Winter is the perfect time to explore the natural stone shelters where native Arkansans once lived
The good thing about working in a newsroom is that you occasionally have a breeze from the past waft in over the transom. The latest example turns out to be a new book from an old star of the Little Rock media cosmos: investigative- reporter-turned-media-professor?Mel Hanks.
After a childhood spent in the Florida Keys, Hanks moved to Little Rock in 1974 for his first on-air job at KTHV Channel 11. Over the next 29 years, Hanks managed to work at all three of the market's network stations, as well as teach journalism at UCA and ASU. He is probably best known, however, for his 14-year stint at KARK Channel 4, where he made a name for himself as one of Little Rock's most tenacious investigative reporters.
After leaving Arkansas in 2003, Hanks worked for a while as a news director for a small television station in Yuma, Ariz., before landing his current job as an assistant professor of media studies at Fort Hays State University in western Kansas. Reached at his office there, he fondly recalled his time in Little Rock. “It was a great feeling,” he said. “That was probably the best time of my life, doing investigative reporting like that. It really affected a lot of people. It wasn't just, well, I have to fill a minute and a half tonight on the news. You could really see the impact.”
While Hanks' new book “Getting It First and Getting It Right: A Reporter's Guide to Surviving in the Trenches,” is officially a journalism textbook, it also manages to present a good bit of memoir, including Hanks' take on some of Arkansas's most high-profile stories of the 1980s and '90s.
“I figured I should give some examples, rather than having people say, ‘Who's this idiot?'” he said. “These are things that actually happened… Some of it's laughable and some of it's shocking. But you have to take the good with the bad to know what the business is really all about.”
Included as examples in the book are Hanks' account of reporting on the story of cop killer James Dean Walker; exposing a theft ring that stole pets for sale to medical testing labs; the beating death of 4-year-old Steven Walters, which led to a special legislative session and an overhaul of the state's child welfare laws; and the “Boys on the Tracks” case, in which two teen-agers were killed and their bodies placed on railroad tracks near Bryant.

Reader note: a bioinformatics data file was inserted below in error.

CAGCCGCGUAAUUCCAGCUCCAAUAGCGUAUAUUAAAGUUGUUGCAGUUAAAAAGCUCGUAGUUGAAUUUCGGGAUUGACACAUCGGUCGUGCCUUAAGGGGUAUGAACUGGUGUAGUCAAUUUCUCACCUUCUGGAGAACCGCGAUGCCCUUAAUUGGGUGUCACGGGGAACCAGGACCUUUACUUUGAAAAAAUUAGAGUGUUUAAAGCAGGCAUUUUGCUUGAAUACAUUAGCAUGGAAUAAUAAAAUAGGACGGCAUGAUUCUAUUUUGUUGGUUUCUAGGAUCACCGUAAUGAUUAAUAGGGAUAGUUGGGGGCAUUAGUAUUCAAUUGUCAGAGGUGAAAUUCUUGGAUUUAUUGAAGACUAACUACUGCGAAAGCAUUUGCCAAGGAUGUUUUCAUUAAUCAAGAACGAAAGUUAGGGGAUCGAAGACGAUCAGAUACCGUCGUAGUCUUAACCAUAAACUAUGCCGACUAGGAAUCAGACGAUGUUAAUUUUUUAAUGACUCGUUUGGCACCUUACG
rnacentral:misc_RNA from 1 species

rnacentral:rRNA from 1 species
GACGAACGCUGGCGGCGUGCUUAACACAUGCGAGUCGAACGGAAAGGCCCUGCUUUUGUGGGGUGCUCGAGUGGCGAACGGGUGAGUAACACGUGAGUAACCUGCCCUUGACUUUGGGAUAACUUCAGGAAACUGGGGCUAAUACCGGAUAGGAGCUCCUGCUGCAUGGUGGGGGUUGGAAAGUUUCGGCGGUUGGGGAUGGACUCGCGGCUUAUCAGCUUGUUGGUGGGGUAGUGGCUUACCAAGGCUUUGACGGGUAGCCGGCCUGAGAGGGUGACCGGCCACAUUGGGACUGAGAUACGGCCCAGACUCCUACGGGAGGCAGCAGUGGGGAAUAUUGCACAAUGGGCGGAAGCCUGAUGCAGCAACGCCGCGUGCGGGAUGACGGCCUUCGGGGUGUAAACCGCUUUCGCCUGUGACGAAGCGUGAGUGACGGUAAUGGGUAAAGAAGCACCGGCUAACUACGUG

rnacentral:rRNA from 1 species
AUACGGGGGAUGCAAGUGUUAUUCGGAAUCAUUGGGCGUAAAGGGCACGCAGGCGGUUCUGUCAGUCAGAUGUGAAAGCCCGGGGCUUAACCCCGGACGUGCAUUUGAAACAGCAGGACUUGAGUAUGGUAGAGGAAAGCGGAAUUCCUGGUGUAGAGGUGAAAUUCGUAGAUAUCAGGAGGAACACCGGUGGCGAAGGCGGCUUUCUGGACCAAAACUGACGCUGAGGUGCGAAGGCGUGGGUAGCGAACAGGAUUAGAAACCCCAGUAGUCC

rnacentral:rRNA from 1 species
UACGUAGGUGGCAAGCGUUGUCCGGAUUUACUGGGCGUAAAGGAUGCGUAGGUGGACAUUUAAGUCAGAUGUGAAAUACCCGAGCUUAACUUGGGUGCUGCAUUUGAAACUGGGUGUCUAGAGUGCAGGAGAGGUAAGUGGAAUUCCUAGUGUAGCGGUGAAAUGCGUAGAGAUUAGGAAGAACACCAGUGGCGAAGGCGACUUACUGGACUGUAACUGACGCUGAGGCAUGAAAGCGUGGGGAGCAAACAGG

“The one that we did more stories on that really went nowhere was the kids on the tracks, the two teen-agers run over by a railroad train in 1987,” Hanks said. “That one led to a grand jury and all kinds of speculation. It was almost like a spider web of leads, and we never really dotted the I or crossed the T on that.”
Hanks said he wrote the book as a way of telling students all the things no one ever told him about the news business while he was in college.
“When I was in school and even as a professor here,” he said, “there wasn't really a book that said: OK, here's what you're really going to face. Here's what happens when you have an assignment editor. Here's what will happen when a producer wants three versions of the same story.”
Hanks has seen a decline in local investigative journalism since his days on the air. He blames it on news directors who are afraid of making people angry for fear of losing advertising dollars.
“Not only in Little Rock but all across the country, it seems that investigative reporting – on the local level at least – is given kind of short shrift. You have to take a lot of heat when you do investigative reporting, and a TV station is a business. Usually the ultimate boss is going to have a sales background, and the way you succeed in sales is by making people happy.”
As a media professor, Hanks said he often encourages his students to go looking for untold or controversial stories. Hanks said that a more aggressive approach will pay off for a station in the long run.
“I think that you get more ratings and therefore more money if you rock the boat in a good way,” he said, “because that means more people will watch and that means more ratings and more advertising. I don't think they see it that way. I think it's more of a short-term gain for them where they don't want to rock the boat ever.”
Asked if he sees himself working in television again, Hanks said the news business has probably passed him by. These days, he's happy imparting what he knows to a new generation of reporters. “I've always loved deadlines of any sort, but the business is so competitive now, especially with the Internet,” he said. “To be honest with you, I'm not sure I could keep up.”